January 26, 2016
A new study co-authored by researchers at Harvard Kennedy School's Belfer Center for Science and International Affairs, Duke University’s Nicholas Institute for Environmental Policy Solutions, and the University of Calgary provides the first comprehensive representation of changing water consumption patterns associated with fuel extraction and power generation.
"A Spatiotemporal Exploration of Water Consumption Changes Resulting from the Coal-to-Gas Transition in Pennsylvania"
By Lauren A. Patterson, Sarah Jordaan, Former Associate, Energy Technology Innovation Policy (ETIP) research group, April–August 2012; Former Research Fellow, ETIP, February 2011–March 2012 and Laura Diaz Anadon, Associate, Environment and Natural Resources Program
During the early stages of Pennsylvania's coal-to-gas transition, extraction and generation of coal and natural gas contributed to a yearly 2.6–8.4% increase in the state's water consumption. Although some areas experienced no change in water consumption, others experienced large decreases or increases. Consumption variations depended on available natural gas resources and pre-existing power-generating infrastructure. This analysis estimates monthly water consumption associated with fuel extraction and power generation within Pennsylvania watersheds between 2009 and 2012. It also provides the first comprehensive representation of changing water consumption patterns associated with the state's coal-to-gas transition at the sub-basin level.
Belfer Center Newsletter
By Pinar Akcayoz De Neve, Project Manager, Environment and Natural Resources Program
Pinar Akcayoz De Neve was part of a group from the Belfer Center’s Environment and Natural Resources Program and Harvard Kennedy School’s Center for Public Leadership who took part in the third Arctic Circle Assembly in Reykjavik on Oct. 15. She shares her reflections on the experience here.
By Laura Diaz Anadon, Associate, Environment and Natural Resources Program, Gabe Chan, Former Research Fellow, Energy Technology Innovation Policy research group, 2012–2015, Alicia Harley, Kira Matus, Suerie Moon, Sharmila L. Murthy and William C. Clark, Harvey Brooks Professor of International Science, Public Policy, and Human Development; Co-director, Sustainability Science Program; Faculty Chair, ENRP
Sustainable development requires harnessing technological innovation to improve human well-being in current and future generations. However, poor, marginalized, and unborn populations too often lack the economic or political power to shape innovation processes to meet their needs. Issues arise at all stages of innovation, from invention of a technology through its selection, production, adaptation, adoption, and retirement.
By William C. Clark, Harvey Brooks Professor of International Science, Public Policy, and Human Development; Co-director, Sustainability Science Program; Faculty Chair, ENRP, Albert Carnesale, Member of the Board, Belfer Center for Science and International Affairs and Bernd Kasemir, Former Research Fellow, Global Environmental Assessment Project/Environment and Natural Resources Program, 2000-2002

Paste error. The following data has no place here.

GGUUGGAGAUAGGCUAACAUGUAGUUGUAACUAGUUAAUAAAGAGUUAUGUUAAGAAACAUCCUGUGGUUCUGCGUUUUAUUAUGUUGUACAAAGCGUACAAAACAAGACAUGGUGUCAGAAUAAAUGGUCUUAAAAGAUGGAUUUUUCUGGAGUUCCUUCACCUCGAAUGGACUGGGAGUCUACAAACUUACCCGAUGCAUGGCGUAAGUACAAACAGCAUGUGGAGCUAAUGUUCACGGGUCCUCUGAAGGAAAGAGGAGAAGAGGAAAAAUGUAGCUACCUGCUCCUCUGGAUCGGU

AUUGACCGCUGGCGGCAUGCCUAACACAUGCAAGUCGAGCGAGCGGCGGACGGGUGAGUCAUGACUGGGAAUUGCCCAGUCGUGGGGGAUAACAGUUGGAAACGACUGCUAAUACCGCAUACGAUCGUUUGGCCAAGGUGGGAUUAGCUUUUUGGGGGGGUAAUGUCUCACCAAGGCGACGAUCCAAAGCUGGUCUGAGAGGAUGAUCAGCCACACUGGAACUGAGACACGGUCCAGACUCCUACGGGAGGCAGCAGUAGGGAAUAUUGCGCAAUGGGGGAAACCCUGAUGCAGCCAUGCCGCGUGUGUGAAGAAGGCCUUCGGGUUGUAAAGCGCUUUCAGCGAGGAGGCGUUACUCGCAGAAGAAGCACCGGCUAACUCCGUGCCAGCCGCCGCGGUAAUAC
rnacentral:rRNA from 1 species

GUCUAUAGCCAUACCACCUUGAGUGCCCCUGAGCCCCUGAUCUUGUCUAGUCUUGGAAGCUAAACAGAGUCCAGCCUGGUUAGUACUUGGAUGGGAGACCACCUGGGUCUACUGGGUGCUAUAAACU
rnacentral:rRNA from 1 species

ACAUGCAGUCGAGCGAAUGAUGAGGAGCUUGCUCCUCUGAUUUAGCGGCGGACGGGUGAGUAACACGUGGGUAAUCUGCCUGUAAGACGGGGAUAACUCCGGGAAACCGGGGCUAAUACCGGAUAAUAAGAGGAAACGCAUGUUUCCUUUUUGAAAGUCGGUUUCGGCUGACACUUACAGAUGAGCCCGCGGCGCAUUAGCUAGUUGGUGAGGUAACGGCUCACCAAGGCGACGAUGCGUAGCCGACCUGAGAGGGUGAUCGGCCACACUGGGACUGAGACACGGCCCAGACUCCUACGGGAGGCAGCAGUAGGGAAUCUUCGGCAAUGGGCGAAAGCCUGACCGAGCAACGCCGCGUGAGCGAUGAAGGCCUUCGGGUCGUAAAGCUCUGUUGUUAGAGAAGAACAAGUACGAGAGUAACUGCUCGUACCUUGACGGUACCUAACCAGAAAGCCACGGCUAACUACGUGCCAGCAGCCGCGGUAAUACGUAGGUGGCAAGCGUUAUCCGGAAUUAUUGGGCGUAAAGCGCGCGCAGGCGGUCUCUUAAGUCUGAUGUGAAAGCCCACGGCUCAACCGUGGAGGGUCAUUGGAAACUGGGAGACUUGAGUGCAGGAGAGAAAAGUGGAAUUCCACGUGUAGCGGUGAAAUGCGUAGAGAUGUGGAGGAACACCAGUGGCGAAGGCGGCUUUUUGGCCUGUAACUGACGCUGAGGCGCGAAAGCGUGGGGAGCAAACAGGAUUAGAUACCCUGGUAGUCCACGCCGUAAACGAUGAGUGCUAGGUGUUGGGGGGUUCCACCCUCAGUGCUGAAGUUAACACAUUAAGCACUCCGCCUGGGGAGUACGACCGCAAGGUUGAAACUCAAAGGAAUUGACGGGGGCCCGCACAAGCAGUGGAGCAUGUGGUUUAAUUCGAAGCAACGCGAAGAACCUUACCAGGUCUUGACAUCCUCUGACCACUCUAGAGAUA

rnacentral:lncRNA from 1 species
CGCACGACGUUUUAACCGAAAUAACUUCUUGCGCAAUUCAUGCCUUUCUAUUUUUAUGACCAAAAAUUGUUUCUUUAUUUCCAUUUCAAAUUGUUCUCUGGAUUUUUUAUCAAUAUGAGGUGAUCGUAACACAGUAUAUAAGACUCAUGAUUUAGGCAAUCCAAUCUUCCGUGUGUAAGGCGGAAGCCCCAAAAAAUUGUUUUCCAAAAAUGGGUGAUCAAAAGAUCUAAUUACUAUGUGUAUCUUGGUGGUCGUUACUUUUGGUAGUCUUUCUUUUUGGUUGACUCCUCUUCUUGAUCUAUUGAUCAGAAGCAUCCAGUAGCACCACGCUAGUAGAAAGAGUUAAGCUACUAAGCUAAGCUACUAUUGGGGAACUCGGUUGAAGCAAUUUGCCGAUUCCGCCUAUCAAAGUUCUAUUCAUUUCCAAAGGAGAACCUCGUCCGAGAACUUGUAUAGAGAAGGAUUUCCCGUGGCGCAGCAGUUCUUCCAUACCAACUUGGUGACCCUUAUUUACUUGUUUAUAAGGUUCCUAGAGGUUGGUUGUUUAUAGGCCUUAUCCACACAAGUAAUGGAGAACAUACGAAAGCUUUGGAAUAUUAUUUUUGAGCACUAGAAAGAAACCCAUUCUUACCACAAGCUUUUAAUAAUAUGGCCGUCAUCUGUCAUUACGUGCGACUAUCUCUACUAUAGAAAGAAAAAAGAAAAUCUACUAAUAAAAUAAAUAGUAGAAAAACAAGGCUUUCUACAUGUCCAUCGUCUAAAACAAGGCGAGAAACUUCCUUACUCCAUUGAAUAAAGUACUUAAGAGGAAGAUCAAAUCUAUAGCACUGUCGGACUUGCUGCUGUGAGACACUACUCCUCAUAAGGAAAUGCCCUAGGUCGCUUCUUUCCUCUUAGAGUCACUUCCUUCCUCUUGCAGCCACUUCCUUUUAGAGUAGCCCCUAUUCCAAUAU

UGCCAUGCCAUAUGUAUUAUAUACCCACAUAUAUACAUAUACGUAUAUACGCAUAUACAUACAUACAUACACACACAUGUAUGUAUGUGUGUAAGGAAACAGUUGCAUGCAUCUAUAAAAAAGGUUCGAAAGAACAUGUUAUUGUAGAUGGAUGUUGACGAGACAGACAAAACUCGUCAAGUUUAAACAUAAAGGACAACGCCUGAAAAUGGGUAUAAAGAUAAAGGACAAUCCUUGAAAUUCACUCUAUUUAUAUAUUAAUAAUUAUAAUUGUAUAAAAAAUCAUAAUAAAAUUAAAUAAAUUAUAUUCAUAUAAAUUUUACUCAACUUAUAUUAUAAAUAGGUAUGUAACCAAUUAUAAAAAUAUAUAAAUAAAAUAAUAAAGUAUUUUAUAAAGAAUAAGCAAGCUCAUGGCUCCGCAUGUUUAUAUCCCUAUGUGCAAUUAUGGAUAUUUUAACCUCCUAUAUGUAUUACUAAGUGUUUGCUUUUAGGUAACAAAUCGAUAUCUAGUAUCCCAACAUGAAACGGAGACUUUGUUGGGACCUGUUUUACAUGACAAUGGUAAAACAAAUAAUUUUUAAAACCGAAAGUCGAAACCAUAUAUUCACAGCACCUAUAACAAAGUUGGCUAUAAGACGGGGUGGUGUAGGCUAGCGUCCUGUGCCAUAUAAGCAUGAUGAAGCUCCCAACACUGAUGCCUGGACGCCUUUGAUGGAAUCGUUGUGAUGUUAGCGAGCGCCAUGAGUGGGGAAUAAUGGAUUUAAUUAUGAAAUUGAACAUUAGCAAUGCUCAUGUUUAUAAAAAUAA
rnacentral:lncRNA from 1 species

December 8, 2015
The COP 21 talks in Paris have attracted throngs of young people—and they're tired of waiting patiently for their elders to do something.
"Technology Life-cycles in the Energy Sector — Technological Characteristics and the Role of Deployment for Innovation"
Technological Forecasting and Social Change
By Joern Huenteler, Former Associate, Energy Technology Innovation Policy (ETIP) research group, 2015–2016; Former Research Fellow, ETIP, 2013–2015, Tobias S Schmidt, Jan Ossenbrink and Volker H. Hoffmann
Understanding the long-term patterns of innovation in energy technologies is crucial for technology forecasting and public policy planning in the context of climate change. This paper analyzes which of two common models of innovation over the technology life-cycle — the product-process innovation shift observed for mass-produced goods or the system-component shift observed for complex products and systems — best describes the pattern of innovation in energy technologies.
December 1, 2015
Columbia Journalism Review
By Cristine Russell, Senior Fellow, Environment and Natural Resources Program
The initial media coverage of the two-week summit of nearly 200 countries reflected a solemn tone, as did symbolic images of empty shoes that lined the streets of Paris following French President François Hollande’s security decision to cancel the planned climate march.
This policy brief informs the debate on the potential of regional governance in the EU2030 framework by drawing on knowledge from the field of interna&onal climate policy, where different forms of polycentric governance have been discussed and researched more intensively.
October 28, 2015
By Venkatesh "Venky" Narayanamurti, Benjamin Peirce Research Professor of Technology and Public Policy, Science, Technology, and Pubic Policy Program, Laura Diaz Anadon, Associate, Environment and Natural Resources Program, Gabe Chan, Former Research Fellow, Energy Technology Innovation Policy research group, 2012–2015 and Amitai Bin-Nun, Former Associate, Science, Technology, and Public Policy Program, 2014–2016
The Federal Government has many tools at its disposal to advance energy technology innovation. It can signal markets, for example, through energy tax and regulatory policy ("market pull"), and it can advance research, development, and deployment of energy technologies ("technology push"). Both of these kinds of tools can be effective, but the most effective policy portfolio balances a combination of these policies.